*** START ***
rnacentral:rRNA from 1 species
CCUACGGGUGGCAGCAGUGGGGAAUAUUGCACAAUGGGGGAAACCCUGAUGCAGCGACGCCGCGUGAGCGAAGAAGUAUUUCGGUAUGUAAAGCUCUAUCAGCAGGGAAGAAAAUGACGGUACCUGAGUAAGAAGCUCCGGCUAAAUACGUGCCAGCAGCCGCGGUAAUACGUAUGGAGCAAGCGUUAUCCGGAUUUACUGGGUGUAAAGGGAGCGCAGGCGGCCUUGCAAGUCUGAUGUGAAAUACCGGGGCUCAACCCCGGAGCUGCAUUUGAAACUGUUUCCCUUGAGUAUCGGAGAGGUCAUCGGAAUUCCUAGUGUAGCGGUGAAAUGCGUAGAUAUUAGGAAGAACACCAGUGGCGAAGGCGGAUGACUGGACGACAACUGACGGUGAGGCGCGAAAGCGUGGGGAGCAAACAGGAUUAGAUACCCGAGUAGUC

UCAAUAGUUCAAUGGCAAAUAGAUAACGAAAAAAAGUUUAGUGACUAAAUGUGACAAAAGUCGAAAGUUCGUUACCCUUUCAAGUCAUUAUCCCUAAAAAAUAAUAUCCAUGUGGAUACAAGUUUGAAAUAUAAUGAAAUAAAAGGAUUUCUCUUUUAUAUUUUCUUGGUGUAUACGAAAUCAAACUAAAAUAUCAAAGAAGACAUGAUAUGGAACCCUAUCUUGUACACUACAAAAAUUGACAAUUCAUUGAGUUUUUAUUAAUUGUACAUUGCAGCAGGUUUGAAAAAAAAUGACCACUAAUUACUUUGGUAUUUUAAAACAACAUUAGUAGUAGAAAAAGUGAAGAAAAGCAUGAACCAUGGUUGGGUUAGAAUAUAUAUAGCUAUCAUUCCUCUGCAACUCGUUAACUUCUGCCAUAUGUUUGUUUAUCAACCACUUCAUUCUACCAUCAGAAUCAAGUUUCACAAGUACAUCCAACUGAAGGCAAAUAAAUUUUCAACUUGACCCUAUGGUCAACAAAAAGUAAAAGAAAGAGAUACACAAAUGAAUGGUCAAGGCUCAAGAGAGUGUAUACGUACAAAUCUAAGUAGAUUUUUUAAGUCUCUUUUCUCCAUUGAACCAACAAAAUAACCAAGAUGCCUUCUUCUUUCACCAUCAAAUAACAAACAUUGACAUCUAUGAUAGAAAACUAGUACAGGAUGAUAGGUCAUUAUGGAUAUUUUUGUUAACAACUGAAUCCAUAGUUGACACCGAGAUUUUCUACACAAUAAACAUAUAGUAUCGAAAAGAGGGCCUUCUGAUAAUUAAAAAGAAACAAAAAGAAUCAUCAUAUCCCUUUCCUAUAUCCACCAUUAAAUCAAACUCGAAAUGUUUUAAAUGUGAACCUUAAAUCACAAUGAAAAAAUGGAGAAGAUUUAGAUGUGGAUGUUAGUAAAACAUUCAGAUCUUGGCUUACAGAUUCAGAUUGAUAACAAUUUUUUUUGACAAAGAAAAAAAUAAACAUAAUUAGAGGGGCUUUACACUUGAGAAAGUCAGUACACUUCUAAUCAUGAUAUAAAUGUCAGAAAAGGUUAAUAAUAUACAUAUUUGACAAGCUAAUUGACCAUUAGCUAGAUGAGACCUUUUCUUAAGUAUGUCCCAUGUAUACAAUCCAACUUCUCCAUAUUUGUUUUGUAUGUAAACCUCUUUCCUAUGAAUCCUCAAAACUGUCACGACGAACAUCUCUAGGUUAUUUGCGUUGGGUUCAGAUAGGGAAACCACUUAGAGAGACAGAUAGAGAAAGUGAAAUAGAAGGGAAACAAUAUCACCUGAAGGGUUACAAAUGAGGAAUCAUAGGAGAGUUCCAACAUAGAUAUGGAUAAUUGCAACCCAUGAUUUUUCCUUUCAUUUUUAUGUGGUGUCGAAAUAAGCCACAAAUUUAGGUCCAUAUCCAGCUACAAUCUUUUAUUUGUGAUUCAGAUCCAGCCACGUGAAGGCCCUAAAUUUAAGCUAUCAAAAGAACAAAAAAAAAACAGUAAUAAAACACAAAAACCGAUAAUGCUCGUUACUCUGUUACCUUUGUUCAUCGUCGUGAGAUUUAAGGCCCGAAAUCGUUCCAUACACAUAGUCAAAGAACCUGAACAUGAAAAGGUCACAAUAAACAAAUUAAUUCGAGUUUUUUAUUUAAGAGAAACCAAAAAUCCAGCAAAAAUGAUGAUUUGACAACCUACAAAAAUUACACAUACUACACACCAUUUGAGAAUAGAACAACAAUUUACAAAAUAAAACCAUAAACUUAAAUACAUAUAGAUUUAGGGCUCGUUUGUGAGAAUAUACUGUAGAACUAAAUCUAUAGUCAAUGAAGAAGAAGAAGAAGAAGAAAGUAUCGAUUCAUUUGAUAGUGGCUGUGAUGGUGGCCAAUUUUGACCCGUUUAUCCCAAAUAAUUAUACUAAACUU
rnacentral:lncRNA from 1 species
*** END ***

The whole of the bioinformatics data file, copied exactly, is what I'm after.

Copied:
rnacentral:rRNA from 1 species
CCUACGGGUGGCAGCAGUGGGGAAUAUUGCACAAUGGGGGAAACCCUGAUGCAGCGACGCCGCGUGAGCGAAGAAGUAUUUCGGUAUGUAAAGCUCUAUCAGCAGGGAAGAAAAUGACGGUACCUGAGUAAGAAGCUCCGGCUAAAUACGUGCCAGCAGCCGCGGUAAUACGUAUGGAGCAAGCGUUAUCCGGAUUUACUGGGUGUAAAGGGAGCGCAGGCGGCCUUGCAAGUCUGAUGUGAAAUACCGGGGCUCAACCCCGGAGCUGCAUUUGAAACUGUUUCCCUUGAGUAUCGGAGAGGUCAUCGGAAUUCCUAGUGUAGCGGUGAAAUGCGUAGAUAUUAGGAAGAACACCAGUGGCGAAGGCGGAUGACUGGACGACAACUGACGGUGAGGCGCGAAAGCGUGGGGAGCAAACAGGAUUAGAUACCCGAGUAGUC

UCAAUAGUUCAAUGGCAAAUAGAUAACGAAAAAAAGUUUAGUGACUAAAUGUGACAAAAGUCGAAAGUUCGUUACCCUUUCAAGUCAUUAUCCCUAAAAAAUAAUAUCCAUGUGGAUACAAGUUUGAAAUAUAAUGAAAUAAAAGGAUUUCUCUUUUAUAUUUUCUUGGUGUAUACGAAAUCAAACUAAAAUAUCAAAGAAGACAUGAUAUGGAACCCUAUCUUGUACACUACAAAAAUUGACAAUUCAUUGAGUUUUUAUUAAUUGUACAUUGCAGCAGGUUUGAAAAAAAAUGACCACUAAUUACUUUGGUAUUUUAAAACAACAUUAGUAGUAGAAAAAGUGAAGAAAAGCAUGAACCAUGGUUGGGUUAGAAUAUAUAUAGCUAUCAUUCCUCUGCAACUCGUUAACUUCUGCCAUAUGUUUGUUUAUCAACCACUUCAUUCUACCAUCAGAAUCAAGUUUCACAAGUACAUCCAACUGAAGGCAAAUAAAUUUUCAACUUGACCCUAUGGUCAACAAAAAGUAAAAGAAAGAGAUACACAAAUGAAUGGUCAAGGCUCAAGAGAGUGUAUACGUACAAAUCUAAGUAGAUUUUUUAAGUCUCUUUUCUCCAUUGAACCAACAAAAUAACCAAGAUGCCUUCUUCUUUCACCAUCAAAUAACAAACAUUGACAUCUAUGAUAGAAAACUAGUACAGGAUGAUAGGUCAUUAUGGAUAUUUUUGUUAACAACUGAAUCCAUAGUUGACACCGAGAUUUUCUACACAAUAAACAUAUAGUAUCGAAAAGAGGGCCUUCUGAUAAUUAAAAAGAAACAAAAAGAAUCAUCAUAUCCCUUUCCUAUAUCCACCAUUAAAUCAAACUCGAAAUGUUUUAAAUGUGAACCUUAAAUCACAAUGAAAAAAUGGAGAAGAUUUAGAUGUGGAUGUUAGUAAAACAUUCAGAUCUUGGCUUACAGAUUCAGAUUGAUAACAAUUUUUUUUGACAAAGAAAAAAAUAAACAUAAUUAGAGGGGCUUUACACUUGAGAAAGUCAGUACACUUCUAAUCAUGAUAUAAAUGUCAGAAAAGGUUAAUAAUAUACAUAUUUGACAAGCUAAUUGACCAUUAGCUAGAUGAGACCUUUUCUUAAGUAUGUCCCAUGUAUACAAUCCAACUUCUCCAUAUUUGUUUUGUAUGUAAACCUCUUUCCUAUGAAUCCUCAAAACUGUCACGACGAACAUCUCUAGGUUAUUUGCGUUGGGUUCAGAUAGGGAAACCACUUAGAGAGACAGAUAGAGAAAGUGAAAUAGAAGGGAAACAAUAUCACCUGAAGGGUUACAAAUGAGGAAUCAUAGGAGAGUUCCAACAUAGAUAUGGAUAAUUGCAACCCAUGAUUUUUCCUUUCAUUUUUAUGUGGUGUCGAAAUAAGCCACAAAUUUAGGUCCAUAUCCAGCUACAAUCUUUUAUUUGUGAUUCAGAUCCAGCCACGUGAAGGCCCUAAAUUUAAGCUAUCAAAAGAACAAAAAAAAAACAGUAAUAAAACACAAAAACCGAUAAUGCUCGUUACUCUGUUACCUUUGUUCAUCGUCGUGAGAUUUAAGGCCCGAAAUCGUUCCAUACACAUAGUCAAAGAACCUGAACAUGAAAAGGUCACAAUAAACAAAUUAAUUCGAGUUUUUUAUUUAAGAGAAACCAAAAAUCCAGCAAAAAUGAUGAUUUGACAACCUACAAAAAUUACACAUACUACACACCAUUUGAGAAUAGAACAACAAUUUACAAAAUAAAACCAUAAACUUAAAUACAUAUAGAUUUAGGGCUCGUUUGUGAGAAUAUACUGUAGAACUAAAUCUAUAGUCAAUGAAGAAGAAGAAGAAGAAGAAAGUAUCGAUUCAUUUGAUAGUGGCUGUGAUGGUGGCCAAUUUUGACCCGUUUAUCCCAAAUAAUUAUACUAAACUU
rnacentral:lncRNA from 1 species